Huntington Beach Man Sentenced to 10 Years in Prison for Nationwide Foreclosure Rescue Scam
SACRAMENTO, CA—Jeremy Michael “Mike” Head, 34, of Huntington Beach, was sentenced today to 10 years in prison for a nationwide foreclosure rescue scam, United States Attorney Benjamin Wagner announced.
A federal jury found him guilty in May 2013, after a nearly four-week trial before United States District Judge Kimberly J. Mueller. Mike Head’s brother and co-defendant Charles Head, 40, was sentenced in September 2014 by Judge Mueller to 35 years in prison.
According to evidence presented at trial, Mike Head played an important leadership role in a fraud scheme that promised to help homeowners avoid foreclosure and repair their credit. He recruited and managed other members of the scheme. Through misrepresentations, fraud and forgery, the Head brothers and their associates substituted straw buyers for the victim homeowners on the titles of properties without the homeowners’ knowledge. These straw buyers were often friends and family members of the defendants. Once the straw buyers were on title to the homes, the defendants applied for mortgages to extract the maximum available equity from the homes. The defendants then shared the proceeds of the ill-gotten equity and the “rent” that the victim homeowners paid them. Ultimately, the victim homeowners were left with no home, no equity, and with damaged credit ratings. Between January 2004 and March 2006, the scam netted more than $15 million in fraudulently obtained funds from scores of homeowners, many of whom were in California.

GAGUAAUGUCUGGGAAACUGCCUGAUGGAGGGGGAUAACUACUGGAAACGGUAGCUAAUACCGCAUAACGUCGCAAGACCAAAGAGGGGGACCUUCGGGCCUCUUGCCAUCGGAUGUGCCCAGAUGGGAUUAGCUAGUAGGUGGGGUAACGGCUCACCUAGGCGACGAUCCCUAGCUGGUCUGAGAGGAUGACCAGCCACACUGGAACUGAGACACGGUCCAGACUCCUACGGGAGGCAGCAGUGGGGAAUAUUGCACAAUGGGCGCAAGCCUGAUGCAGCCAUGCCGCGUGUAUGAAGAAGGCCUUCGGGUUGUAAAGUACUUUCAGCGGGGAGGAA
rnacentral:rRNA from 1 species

U.S. Attorney Wagner said: “Mike Head made a small fortune taking advantage of victims who looked to him for help. Instead of helping, he stole the last remaining equity in their homes, and many victims were evicted and left destitute. He will now go to prison and pay for his crimes. This office continues to vigorously prosecute multiple variations of mortgage fraud throughout our district.”
“The scheme Head and his co-conspirators devised preyed upon individuals when they were most vulnerable and lived in fear of imminent foreclosure. Despite promises to help their victims avoid foreclosure, many were financially devastated by the scheme,” said Special Agent in Charge Monica M. Miller of the Sacramento FBI. “The FBI is committed to thoroughly investigating complex mortgage fraud schemes, identifying all participants, and ensuring that those who have violated the trust of the American public face justice in federal court.”
“Today’s sentencing sends a clear message to those who commit mortgage fraud, the consequences can be severe,” said Acting Special Agent in Charge Thomas McMahon, IRS-Criminal Investigation. “The defendants in this case have hurt so many people and so many of our communities. This sentencing highlights IRS-CI’s commitment to hold accountable those involved in these types of crimes.”
This case is the product of an investigation by the Federal Bureau of Investigation and the Internal Revenue Service—Criminal Investigation. Assistant United States Attorneys Michael D. Anderson and Matthew Morris are prosecuting the case.
This case began on February 28, 2008, when a federal grand jury indicted Mike Head, his brother Charles Head, and 14 other defendants with violations of mail fraud, conspiracy to commit mail fraud, and other charges. Eleven of Heads co-defendants have entered guilty pleas, and charges were dismissed against one.
Charges against the two remaining defendants, Domonic McCarns, 37, of Brea, and Anh Nguyen, 40, of Los Angeles are pending. The charges are allegations; the defendants are presumed innocent until and unless proven guilty beyond a reasonable doubt.
This case was part of the President’s Financial Fraud Enforcement Task Force, established to wage an aggressive, coordinated effort to investigate and prosecute financial crimes. Since its formation, the task force has made great strides in facilitating increased investigation and prosecution of financial crimes. For more information on the task force, please visit www.StopFraud.gov.